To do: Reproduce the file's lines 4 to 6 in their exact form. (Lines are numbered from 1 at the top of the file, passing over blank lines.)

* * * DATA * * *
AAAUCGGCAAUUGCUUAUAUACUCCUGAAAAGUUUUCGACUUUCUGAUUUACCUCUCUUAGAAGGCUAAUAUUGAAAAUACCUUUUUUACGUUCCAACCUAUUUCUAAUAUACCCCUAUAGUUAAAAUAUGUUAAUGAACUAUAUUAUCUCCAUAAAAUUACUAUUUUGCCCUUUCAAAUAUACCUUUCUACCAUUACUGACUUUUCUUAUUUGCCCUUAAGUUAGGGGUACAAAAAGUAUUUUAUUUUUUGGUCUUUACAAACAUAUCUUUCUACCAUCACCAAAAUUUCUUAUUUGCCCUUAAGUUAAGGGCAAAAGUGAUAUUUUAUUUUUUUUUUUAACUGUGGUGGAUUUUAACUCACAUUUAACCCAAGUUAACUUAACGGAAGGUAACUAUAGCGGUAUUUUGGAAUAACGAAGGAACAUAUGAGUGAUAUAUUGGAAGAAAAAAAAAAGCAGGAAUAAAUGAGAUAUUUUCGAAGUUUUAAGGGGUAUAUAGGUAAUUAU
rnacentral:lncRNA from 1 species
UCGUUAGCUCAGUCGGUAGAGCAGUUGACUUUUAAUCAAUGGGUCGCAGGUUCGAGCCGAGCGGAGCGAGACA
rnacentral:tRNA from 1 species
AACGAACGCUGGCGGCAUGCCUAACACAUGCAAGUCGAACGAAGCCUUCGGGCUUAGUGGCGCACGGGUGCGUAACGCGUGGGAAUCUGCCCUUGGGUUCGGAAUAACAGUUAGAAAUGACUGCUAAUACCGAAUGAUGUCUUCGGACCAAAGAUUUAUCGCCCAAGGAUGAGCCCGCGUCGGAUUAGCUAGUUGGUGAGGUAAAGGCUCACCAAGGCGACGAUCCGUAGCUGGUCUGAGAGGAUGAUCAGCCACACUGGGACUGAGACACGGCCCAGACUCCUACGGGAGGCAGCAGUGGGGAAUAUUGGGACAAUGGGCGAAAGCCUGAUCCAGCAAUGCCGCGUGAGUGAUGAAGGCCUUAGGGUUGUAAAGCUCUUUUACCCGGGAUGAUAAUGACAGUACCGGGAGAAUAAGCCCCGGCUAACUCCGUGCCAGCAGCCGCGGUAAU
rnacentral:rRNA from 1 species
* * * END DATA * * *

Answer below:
rnacentral:tRNA from 1 species
AACGAACGCUGGCGGCAUGCCUAACACAUGCAAGUCGAACGAAGCCUUCGGGCUUAGUGGCGCACGGGUGCGUAACGCGUGGGAAUCUGCCCUUGGGUUCGGAAUAACAGUUAGAAAUGACUGCUAAUACCGAAUGAUGUCUUCGGACCAAAGAUUUAUCGCCCAAGGAUGAGCCCGCGUCGGAUUAGCUAGUUGGUGAGGUAAAGGCUCACCAAGGCGACGAUCCGUAGCUGGUCUGAGAGGAUGAUCAGCCACACUGGGACUGAGACACGGCCCAGACUCCUACGGGAGGCAGCAGUGGGGAAUAUUGGGACAAUGGGCGAAAGCCUGAUCCAGCAAUGCCGCGUGAGUGAUGAAGGCCUUAGGGUUGUAAAGCUCUUUUACCCGGGAUGAUAAUGACAGUACCGGGAGAAUAAGCCCCGGCUAACUCCGUGCCAGCAGCCGCGGUAAU
rnacentral:rRNA from 1 species